100%

Scanned image of the page. Keyboard directions: use + to zoom in, - to zoom out, arrow keys to pan inside the viewer.

Page Options

Download this Issue

Share

Something wrong?

Something wrong with this page? Report problem.

Rights / Permissions

This collection, digitized in collaboration with the Michigan Daily and the Board for Student Publications, contains materials that are protected by copyright law. Access to these materials is provided for non-profit educational and research purposes. If you use an item from this collection, it is your responsibility to consider the work's copyright status and obtain any required permission.

December 20, 1935 - Image 6

Resource type:
Text
Publication:
The Michigan Daily, 1935-12-20

Disclaimer: Computer generated plain text may have errors. Read more about this.

PAGE SIX

THE MICHIGAN DAILY

YUMMY, DECEMBER, 20, 1935

PAQE SIX FRIDAY, DECEMBER 20, I93~

Students And

Gifts Wrapped Nicely Are Twice As Acceptable

League Is Host Student Gives Talk On Hiunting
i -T"- Crt4wdPVV15 I - iu i I rk q AI l ot Wor1s4 Ar

Faculty Give
Vacation Plans
Dean Lloyd Will Spend
Holiday In Philadelphia,
New York
Tell Of Other Trips
Seeleys Go To Florida;
Many Other Students To
Visit South
Many varied Christmas vacations
are being planned by members of the
faculty and students. President and
Mrs. Alexander G. Ruthven are an-
ticipating a pleasant stay in Ann Ar-
bor for the holiday season. Their
son, Bryant, will entertain a number
of his friends at a party Friday, Dec.
27.
Miss Lloyd To Travel
Dean Alice Lloyd will spend the
vacation in Philadelphia and New
York. She will visit about three days
in Philadelphia and the rest of the
time in New York as a guest of her
brother. Mrs. Byrl F. Bacher, Assist-
ant Dean, is leaving tomorrow for
Ithaca, N. Y., where she will visit her
son and his wife, and will return to
Ann Arbor around Jan. 1. Miss Jean-
nette Perry will spend the holidays
at her home in Grand Rapids.
Dean and Mrs. Joseph A. Bursley
will remain at home and will enter-
tain Mr. and Mrs. Kleene and son
Jack from Ashville, N. C. Mr. and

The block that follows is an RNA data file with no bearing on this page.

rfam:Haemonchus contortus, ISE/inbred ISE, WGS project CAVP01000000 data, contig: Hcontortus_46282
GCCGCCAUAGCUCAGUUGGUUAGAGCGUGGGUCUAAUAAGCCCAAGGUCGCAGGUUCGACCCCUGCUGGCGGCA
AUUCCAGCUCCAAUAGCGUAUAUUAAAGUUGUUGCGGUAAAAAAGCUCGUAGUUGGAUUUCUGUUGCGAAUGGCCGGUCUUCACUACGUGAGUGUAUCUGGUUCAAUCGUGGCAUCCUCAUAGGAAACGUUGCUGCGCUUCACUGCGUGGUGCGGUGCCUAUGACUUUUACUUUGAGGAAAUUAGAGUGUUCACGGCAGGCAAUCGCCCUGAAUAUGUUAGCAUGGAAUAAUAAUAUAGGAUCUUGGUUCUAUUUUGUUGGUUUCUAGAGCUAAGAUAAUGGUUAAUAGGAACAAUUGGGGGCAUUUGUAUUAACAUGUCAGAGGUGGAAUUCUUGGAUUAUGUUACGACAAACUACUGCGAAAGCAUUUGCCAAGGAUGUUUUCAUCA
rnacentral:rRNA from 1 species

Mrs. Kleene will arrive tomorrow to
spend the vacation with Mr. and Mrs.
Bursley, who will hold the family
Christmas dinner for this year.
Dean and Mrs. Wilber R. Humph-
reys will visit Mr. Humphreys' par-
ents in Van Wert, Ohio, for two or
three days. Then, they will go on to
Chicago, and return to Ann Arbor for
New Year's Day. Mrs Humphrey's
parents will be their guests for New
Years.
To Entertain Guests
,Dean and Mrs. James B. Edmonson
will remain at home and entertain
guests from Chicago and Mrs. Edmon-
son's sister from St. Louis for the
holiday season.
President and Mrs. Charles A. Sink
of the School of Music left for New
York Tuesday where they will spend
a part of the vacation. Then they
will go on to Washington, combining
business with pleasure, and return to
Ann Arbor for New Year's. Prof. and
Mrs. Bennett Weaver will spend five
days in Cincinnati after Christmas.
Among those remaining at home
for Christmas are Dean and Mrs.
Clare E. Griffin, Dean and Mrs. Ed-
ward H. Kraus, Dean and Mrs. Wal-
ter B. Rea, and Dean and Mrs. Her-
bert C. Sadler.
Florida Attracts Many
Among the students who are plan-
ning vacations traveling is Jean Seel-
ey, '36, president of the League Coun-
cil who will leave today for a tour-
ing trip through Florida with-'her par-
ents. Miss Seeley plans to stop in
Miami for several days. Betty Chap-
man, '36, another member of the
League Council will spend a week of
her holidays in New York City, doing
shopping and seeing current plays.
Brenda Parkinson, '36, is planning
on spending some time in northern
Michigan and Laura Zimmerman, '36,
will visit friends in Sidney, O.
Jean Harrison, '38, is driving to
Florida stopping in Miami, Orland,
ar St. Petersburg on the way. Jer-
ome Mallon, '37D, will also spend